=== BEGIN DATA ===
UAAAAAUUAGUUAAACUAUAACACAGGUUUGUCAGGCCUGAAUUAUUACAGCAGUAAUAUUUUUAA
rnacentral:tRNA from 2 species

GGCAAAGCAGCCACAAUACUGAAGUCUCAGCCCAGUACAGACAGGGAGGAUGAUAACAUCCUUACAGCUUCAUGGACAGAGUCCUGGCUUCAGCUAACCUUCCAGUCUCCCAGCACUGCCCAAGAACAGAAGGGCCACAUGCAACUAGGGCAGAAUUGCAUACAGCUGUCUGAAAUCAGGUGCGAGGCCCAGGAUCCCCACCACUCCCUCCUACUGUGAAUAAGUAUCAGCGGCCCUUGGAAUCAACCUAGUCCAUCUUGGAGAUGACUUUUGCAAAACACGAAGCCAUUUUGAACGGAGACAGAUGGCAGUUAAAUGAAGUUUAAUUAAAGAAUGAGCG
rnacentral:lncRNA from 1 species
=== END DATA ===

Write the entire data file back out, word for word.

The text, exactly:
UAAAAAUUAGUUAAACUAUAACACAGGUUUGUCAGGCCUGAAUUAUUACAGCAGUAAUAUUUUUAA
rnacentral:tRNA from 2 species

GGCAAAGCAGCCACAAUACUGAAGUCUCAGCCCAGUACAGACAGGGAGGAUGAUAACAUCCUUACAGCUUCAUGGACAGAGUCCUGGCUUCAGCUAACCUUCCAGUCUCCCAGCACUGCCCAAGAACAGAAGGGCCACAUGCAACUAGGGCAGAAUUGCAUACAGCUGUCUGAAAUCAGGUGCGAGGCCCAGGAUCCCCACCACUCCCUCCUACUGUGAAUAAGUAUCAGCGGCCCUUGGAAUCAACCUAGUCCAUCUUGGAGAUGACUUUUGCAAAACACGAAGCCAUUUUGAACGGAGACAGAUGGCAGUUAAAUGAAGUUUAAUUAAAGAAUGAGCG
rnacentral:lncRNA from 1 species